U.N. gets it right (practically)

U.N. gets it right (practically)

Over the years, this paper, indeed much of the Jewish world, has criticized the United Nations for its one-sided approach to the Israeli-Palestinian conflict — that is to say, its relentless and, at times, downright ingenuine criticism of Israel.
So it seems only fair to note when the international body shows a modicum of fairness to the Jewish state.
Such was the case last Friday, when the United Nations released the long awaited findings of its investigation into last year’s boarding of the Gaza-bound ship Mavi Marmara.
Nine Turkish citizens died in clashes with Israeli commandos boarding the ship May 30, 2010, part of a pro-Palestinian flotilla trying to break Israel’s blockade of the Hamas-controlled Gaza Strip. Israel has expressed regret over the deaths and agreed to pay compensation for those killed, but Turkey has demanded an official apology, which Israel has refused to give.
The report on those findings, known as the Palmer report, accurately concluded that Israeli commandos acted in self-defense when attacked.
It deemed the level of force the commandos used to be “excessive and unreasonable,” which defies logic given the very public evidence.
But, most importantly, it concluded that Israel’s blockade of Gaza was legal.
Clearly, this report is not everything Israel wanted. One need only look at the videos of the boarding, which are all over the Internet, to see that passengers and/or crew were well armed and waiting for the Israeli commandos to repel onto the deck before attacking them. That was a fierce battle, and the commandos were right to use whatever means they had to fight back, including killing their enemy.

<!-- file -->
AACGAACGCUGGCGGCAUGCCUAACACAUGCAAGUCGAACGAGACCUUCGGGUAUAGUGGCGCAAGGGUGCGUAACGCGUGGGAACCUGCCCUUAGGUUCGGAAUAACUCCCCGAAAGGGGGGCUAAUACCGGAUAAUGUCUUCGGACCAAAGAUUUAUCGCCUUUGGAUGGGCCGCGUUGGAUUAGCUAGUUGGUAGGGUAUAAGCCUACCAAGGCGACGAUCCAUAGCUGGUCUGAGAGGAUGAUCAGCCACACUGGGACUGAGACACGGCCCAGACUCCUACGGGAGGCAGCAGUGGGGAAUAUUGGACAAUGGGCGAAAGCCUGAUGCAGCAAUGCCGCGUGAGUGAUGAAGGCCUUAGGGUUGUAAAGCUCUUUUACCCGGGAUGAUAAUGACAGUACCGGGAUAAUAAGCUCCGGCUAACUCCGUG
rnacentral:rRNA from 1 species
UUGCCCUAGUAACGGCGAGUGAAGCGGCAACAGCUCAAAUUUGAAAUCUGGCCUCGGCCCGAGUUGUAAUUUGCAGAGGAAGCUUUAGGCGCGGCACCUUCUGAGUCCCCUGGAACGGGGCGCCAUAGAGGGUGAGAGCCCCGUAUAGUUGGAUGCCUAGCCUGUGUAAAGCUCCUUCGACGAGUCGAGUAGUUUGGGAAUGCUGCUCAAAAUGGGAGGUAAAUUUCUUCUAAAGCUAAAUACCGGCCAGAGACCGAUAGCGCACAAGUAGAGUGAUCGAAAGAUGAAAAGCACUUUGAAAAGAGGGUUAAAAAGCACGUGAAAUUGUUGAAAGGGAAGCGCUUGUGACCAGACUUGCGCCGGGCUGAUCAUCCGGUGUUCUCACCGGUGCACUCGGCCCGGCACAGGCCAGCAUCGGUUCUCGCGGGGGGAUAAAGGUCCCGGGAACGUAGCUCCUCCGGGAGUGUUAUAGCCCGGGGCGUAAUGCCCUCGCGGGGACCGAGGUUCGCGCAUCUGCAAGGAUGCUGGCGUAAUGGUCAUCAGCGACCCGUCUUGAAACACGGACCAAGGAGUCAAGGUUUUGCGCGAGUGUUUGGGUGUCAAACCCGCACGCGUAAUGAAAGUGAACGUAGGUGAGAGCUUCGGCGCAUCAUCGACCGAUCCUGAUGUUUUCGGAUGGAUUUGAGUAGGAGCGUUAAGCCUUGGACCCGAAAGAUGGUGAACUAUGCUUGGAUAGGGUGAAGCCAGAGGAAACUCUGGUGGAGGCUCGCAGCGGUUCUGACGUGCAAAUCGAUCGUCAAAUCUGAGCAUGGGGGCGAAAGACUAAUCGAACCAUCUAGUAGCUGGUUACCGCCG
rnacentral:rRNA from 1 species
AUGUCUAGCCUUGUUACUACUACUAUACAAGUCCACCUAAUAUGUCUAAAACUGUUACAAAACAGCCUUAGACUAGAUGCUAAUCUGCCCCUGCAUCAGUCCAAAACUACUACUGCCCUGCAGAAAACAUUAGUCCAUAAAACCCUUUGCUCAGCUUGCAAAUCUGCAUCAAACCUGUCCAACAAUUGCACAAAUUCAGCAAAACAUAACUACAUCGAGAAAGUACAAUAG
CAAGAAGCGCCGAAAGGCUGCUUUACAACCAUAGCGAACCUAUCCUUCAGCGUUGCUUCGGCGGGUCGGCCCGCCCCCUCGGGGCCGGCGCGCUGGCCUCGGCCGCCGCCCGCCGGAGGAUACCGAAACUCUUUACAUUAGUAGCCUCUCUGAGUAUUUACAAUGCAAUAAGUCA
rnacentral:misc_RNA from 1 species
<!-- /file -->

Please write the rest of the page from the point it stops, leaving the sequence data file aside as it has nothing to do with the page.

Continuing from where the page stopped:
But neither is the report what Turkey wanted — far from it. Israel’s right to blockade Gaza, which insists on making war on Israeli civilians even after the 2005 withdrawal of Jewish residents there, has been upheld, and it acknowledges that Israeli commandos were attacked.
So how did Turkey respond to the report? Like an unruly child that doesn’t get its way.
First, it expelled Israel’s ambassador to Ankara (no big deal since the ambassador’s term was coming to an end), it downgraded its official relationship with Israel, then it vowed to pursue legal action against commandos involved in the raid — a tough point to make since the U.N. report doesn’t adequately back its case.
While Israel’s action in the Mavi Marmara incident arguably has been justified, there is no cause for celebration. Relations with Turkey are disrupted, not a good thing at time when relations with Egypt also are souring. Many political observers, including former Prime Minister Ehud Olmert, say Israel should step up efforts to mend ties with Turkey.
Israel, however, can’t do it alone. Turkey must show signs of accommodation, especially now since the U.N. report did not go its way. So far, it has not, and complete capitulation by Israel — i.e., an apology — is no option.
Israel has historically good relations with Turkey. To lose that status would be regrettable. But to quote an oft-mentioned metaphor, the ball is in Turkey’s court.